State Comptroller Tom DiNapoli today levied his harshest attack yet on his GOP/Conservative opponent, Harry Wilson, suggesting he personally stands to benefit from his role on President Obama’s auto industry task force.

DiNapoli’s claim is a little convoluted. Basically, he alleges Wilson’s former firm, Silver Point Capital, will make money if Delphi, a company that was restructured during the federal bailout of the industry, becomes publicly held.

Wilson has a significant interest in Silver Point, but it’s in a trust that he does not control and won’t, as a result of a confidentiality agreement he signed when he left, until 2011.

Nevertheless, DiNapoli insisted there’s a “massive conflict of interest at play here,” adding: “Perhaps it would be appropriate for some level of government, perhaps the inspector general of the TARP program, to take a look at these questions.”

Wilson accused DiNapoli of “completely manufacturing an issue” and called his claims “totally inaccurate.” UPDATE: Wilson spokesman Bill O’Reilly sent a very lengthy statement that appears in full after the jump.

“Mr. DiNapoli is shedding all credibility with his latest attack,” O’Reilly said. “Mr. Wilson has no economic interest, direct or indirect, in Delphi and this was part of the compliance process at Treasury. Harry will not earn a single penny of profit from Delphi, or any other auto-related investment, other than his government salary at Treasury.”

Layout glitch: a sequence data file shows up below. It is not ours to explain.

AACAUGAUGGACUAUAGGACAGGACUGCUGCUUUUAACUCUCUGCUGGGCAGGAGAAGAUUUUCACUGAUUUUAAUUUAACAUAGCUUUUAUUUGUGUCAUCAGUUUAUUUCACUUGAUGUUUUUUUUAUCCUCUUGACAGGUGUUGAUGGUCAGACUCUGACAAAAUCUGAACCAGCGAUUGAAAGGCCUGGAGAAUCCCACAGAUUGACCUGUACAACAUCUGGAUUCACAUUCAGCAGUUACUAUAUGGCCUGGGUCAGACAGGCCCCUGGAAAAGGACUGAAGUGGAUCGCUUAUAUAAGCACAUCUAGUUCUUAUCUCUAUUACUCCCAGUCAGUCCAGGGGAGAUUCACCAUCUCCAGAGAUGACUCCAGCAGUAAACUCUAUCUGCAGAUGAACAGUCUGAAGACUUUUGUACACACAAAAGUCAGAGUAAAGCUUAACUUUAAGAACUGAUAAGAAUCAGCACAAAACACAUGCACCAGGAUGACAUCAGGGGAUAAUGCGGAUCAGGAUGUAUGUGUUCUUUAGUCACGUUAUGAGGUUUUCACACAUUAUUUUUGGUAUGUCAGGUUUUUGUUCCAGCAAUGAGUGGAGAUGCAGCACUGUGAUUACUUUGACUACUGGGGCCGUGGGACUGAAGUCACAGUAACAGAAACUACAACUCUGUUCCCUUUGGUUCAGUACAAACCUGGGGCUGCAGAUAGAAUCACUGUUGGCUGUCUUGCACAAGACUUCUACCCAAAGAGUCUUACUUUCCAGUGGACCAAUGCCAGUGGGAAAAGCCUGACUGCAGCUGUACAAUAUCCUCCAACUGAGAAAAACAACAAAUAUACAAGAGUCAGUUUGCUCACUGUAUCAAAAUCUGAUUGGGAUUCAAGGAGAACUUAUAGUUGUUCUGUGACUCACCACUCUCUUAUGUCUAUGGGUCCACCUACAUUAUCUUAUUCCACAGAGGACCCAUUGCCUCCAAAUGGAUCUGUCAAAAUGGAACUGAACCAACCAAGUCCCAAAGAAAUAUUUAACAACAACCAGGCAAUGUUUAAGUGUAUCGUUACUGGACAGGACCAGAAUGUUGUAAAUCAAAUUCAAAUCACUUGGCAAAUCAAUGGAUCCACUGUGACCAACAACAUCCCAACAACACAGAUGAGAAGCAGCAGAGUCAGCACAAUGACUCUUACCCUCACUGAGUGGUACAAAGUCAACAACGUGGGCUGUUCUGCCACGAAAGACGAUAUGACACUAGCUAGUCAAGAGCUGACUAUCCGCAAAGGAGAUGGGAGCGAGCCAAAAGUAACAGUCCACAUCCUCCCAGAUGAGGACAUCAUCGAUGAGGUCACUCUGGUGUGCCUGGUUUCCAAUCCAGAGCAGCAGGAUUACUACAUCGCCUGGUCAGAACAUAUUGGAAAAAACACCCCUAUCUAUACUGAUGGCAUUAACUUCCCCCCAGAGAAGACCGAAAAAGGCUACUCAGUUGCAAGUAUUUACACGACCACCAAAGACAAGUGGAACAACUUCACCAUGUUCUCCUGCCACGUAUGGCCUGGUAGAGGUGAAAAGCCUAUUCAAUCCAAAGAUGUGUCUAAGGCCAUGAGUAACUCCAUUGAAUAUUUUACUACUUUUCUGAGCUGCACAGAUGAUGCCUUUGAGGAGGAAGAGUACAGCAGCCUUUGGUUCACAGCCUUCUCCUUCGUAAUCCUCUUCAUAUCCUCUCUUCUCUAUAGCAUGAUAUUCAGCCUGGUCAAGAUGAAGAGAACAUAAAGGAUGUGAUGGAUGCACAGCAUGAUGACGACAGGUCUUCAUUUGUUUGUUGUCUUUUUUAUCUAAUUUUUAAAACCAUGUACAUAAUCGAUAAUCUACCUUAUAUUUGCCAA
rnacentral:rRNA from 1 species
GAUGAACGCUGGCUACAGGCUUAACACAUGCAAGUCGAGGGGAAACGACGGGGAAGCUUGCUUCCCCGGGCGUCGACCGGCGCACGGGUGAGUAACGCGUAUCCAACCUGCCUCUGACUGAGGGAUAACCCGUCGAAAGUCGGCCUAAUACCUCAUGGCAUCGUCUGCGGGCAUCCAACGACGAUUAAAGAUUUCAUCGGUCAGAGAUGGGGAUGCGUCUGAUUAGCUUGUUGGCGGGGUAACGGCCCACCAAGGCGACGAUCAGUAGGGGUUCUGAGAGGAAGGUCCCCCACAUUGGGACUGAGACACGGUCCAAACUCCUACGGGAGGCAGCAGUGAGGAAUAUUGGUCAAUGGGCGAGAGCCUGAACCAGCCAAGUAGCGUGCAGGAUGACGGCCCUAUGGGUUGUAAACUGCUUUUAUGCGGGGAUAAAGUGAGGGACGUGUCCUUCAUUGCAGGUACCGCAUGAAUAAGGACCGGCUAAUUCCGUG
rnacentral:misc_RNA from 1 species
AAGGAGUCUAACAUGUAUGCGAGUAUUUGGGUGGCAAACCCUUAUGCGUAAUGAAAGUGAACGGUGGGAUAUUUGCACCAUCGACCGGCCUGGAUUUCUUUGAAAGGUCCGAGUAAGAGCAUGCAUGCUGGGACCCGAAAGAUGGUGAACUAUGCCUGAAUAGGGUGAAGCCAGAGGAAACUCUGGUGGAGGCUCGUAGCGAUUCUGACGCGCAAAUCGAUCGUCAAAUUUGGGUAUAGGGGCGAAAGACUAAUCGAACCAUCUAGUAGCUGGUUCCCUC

“Everything Mr. Wilson did was vetted by Treasury compliance – both in his divestment of auto-related exposure and his dealings with Delphi.”

“It is disturbing, but sadly unsurprising, that Tom DiNapoli would take Mr. Wilson’s willingness to give up a great deal to serve his country in a time of crisis and try to smear him with baseless distortions. This is clearly an attempt by Mr. DiNapoli to distract from his own massive conflicts of interest with public money.”

“Nearly two-thirds of Mr. DiNapoli’s campaign cash has come from labor and other special interests. Another 15 percent has come from trial lawyers, a large number of whom have done business with the pension fund under Mr. DiNapoli in a clear continuation of the Hevesi pay-to-play culture, just with trial lawyers instead of money managers; Mr Wilson’s ethics reform would ban this practice, but Mr. DiNapoli has refused to end this pay-to-play practice.”

“I would urge the DiNapoli campaign to end their campaign with a modicum of dignity. These ridiculous accusations are demeaning to the serious office for which he and Mr. Wilson are running.”